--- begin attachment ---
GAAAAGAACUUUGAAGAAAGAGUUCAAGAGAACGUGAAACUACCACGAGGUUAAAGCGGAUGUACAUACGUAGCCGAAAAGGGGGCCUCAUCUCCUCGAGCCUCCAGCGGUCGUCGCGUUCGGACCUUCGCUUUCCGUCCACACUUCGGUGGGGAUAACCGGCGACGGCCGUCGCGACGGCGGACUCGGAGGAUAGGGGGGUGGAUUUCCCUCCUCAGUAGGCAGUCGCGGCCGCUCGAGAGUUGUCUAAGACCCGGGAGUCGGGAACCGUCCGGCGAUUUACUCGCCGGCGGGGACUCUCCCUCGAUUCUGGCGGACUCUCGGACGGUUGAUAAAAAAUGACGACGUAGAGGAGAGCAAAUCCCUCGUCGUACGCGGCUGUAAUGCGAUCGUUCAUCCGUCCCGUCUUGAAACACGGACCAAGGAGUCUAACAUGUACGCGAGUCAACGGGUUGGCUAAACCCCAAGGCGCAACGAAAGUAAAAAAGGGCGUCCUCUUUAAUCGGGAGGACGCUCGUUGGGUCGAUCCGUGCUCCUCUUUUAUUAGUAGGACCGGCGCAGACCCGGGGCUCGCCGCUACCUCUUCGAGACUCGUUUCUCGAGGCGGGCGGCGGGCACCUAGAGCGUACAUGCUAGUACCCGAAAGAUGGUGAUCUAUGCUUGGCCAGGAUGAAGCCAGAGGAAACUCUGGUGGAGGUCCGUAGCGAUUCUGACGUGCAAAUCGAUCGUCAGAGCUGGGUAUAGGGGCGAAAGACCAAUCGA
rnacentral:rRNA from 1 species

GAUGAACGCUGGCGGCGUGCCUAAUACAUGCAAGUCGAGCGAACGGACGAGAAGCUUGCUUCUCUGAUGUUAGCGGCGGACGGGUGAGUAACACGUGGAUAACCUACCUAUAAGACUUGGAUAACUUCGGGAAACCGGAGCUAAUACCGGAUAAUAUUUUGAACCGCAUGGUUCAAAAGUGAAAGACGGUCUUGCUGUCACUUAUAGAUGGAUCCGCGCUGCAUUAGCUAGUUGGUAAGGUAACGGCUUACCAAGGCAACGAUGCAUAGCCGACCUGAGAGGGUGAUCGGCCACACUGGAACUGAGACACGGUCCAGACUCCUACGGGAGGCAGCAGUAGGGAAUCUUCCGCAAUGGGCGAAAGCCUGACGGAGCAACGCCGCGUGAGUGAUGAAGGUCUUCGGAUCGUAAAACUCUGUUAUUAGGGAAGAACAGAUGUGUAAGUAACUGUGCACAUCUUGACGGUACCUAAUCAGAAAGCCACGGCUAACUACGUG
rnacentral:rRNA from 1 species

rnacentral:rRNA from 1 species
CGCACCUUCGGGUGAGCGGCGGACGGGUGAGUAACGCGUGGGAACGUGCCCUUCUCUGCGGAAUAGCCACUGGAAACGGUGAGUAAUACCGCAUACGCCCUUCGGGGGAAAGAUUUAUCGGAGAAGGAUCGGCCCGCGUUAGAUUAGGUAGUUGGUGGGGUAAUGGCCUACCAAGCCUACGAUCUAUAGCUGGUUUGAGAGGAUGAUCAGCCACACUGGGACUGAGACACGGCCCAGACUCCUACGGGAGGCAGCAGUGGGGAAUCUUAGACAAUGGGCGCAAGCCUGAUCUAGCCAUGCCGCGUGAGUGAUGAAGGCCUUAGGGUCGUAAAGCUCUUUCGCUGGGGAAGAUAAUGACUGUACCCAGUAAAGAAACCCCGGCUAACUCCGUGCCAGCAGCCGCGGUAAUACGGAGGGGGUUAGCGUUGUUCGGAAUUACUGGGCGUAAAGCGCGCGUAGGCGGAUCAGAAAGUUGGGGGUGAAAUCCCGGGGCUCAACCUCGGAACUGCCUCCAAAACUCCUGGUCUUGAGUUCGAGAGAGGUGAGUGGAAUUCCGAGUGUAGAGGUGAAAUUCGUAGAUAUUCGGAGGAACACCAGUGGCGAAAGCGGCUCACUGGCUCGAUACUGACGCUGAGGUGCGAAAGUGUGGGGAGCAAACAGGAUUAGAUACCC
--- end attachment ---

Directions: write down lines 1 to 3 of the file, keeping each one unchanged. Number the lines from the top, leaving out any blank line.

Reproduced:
GAAAAGAACUUUGAAGAAAGAGUUCAAGAGAACGUGAAACUACCACGAGGUUAAAGCGGAUGUACAUACGUAGCCGAAAAGGGGGCCUCAUCUCCUCGAGCCUCCAGCGGUCGUCGCGUUCGGACCUUCGCUUUCCGUCCACACUUCGGUGGGGAUAACCGGCGACGGCCGUCGCGACGGCGGACUCGGAGGAUAGGGGGGUGGAUUUCCCUCCUCAGUAGGCAGUCGCGGCCGCUCGAGAGUUGUCUAAGACCCGGGAGUCGGGAACCGUCCGGCGAUUUACUCGCCGGCGGGGACUCUCCCUCGAUUCUGGCGGACUCUCGGACGGUUGAUAAAAAAUGACGACGUAGAGGAGAGCAAAUCCCUCGUCGUACGCGGCUGUAAUGCGAUCGUUCAUCCGUCCCGUCUUGAAACACGGACCAAGGAGUCUAACAUGUACGCGAGUCAACGGGUUGGCUAAACCCCAAGGCGCAACGAAAGUAAAAAAGGGCGUCCUCUUUAAUCGGGAGGACGCUCGUUGGGUCGAUCCGUGCUCCUCUUUUAUUAGUAGGACCGGCGCAGACCCGGGGCUCGCCGCUACCUCUUCGAGACUCGUUUCUCGAGGCGGGCGGCGGGCACCUAGAGCGUACAUGCUAGUACCCGAAAGAUGGUGAUCUAUGCUUGGCCAGGAUGAAGCCAGAGGAAACUCUGGUGGAGGUCCGUAGCGAUUCUGACGUGCAAAUCGAUCGUCAGAGCUGGGUAUAGGGGCGAAAGACCAAUCGA
rnacentral:rRNA from 1 species

GAUGAACGCUGGCGGCGUGCCUAAUACAUGCAAGUCGAGCGAACGGACGAGAAGCUUGCUUCUCUGAUGUUAGCGGCGGACGGGUGAGUAACACGUGGAUAACCUACCUAUAAGACUUGGAUAACUUCGGGAAACCGGAGCUAAUACCGGAUAAUAUUUUGAACCGCAUGGUUCAAAAGUGAAAGACGGUCUUGCUGUCACUUAUAGAUGGAUCCGCGCUGCAUUAGCUAGUUGGUAAGGUAACGGCUUACCAAGGCAACGAUGCAUAGCCGACCUGAGAGGGUGAUCGGCCACACUGGAACUGAGACACGGUCCAGACUCCUACGGGAGGCAGCAGUAGGGAAUCUUCCGCAAUGGGCGAAAGCCUGACGGAGCAACGCCGCGUGAGUGAUGAAGGUCUUCGGAUCGUAAAACUCUGUUAUUAGGGAAGAACAGAUGUGUAAGUAACUGUGCACAUCUUGACGGUACCUAAUCAGAAAGCCACGGCUAACUACGUG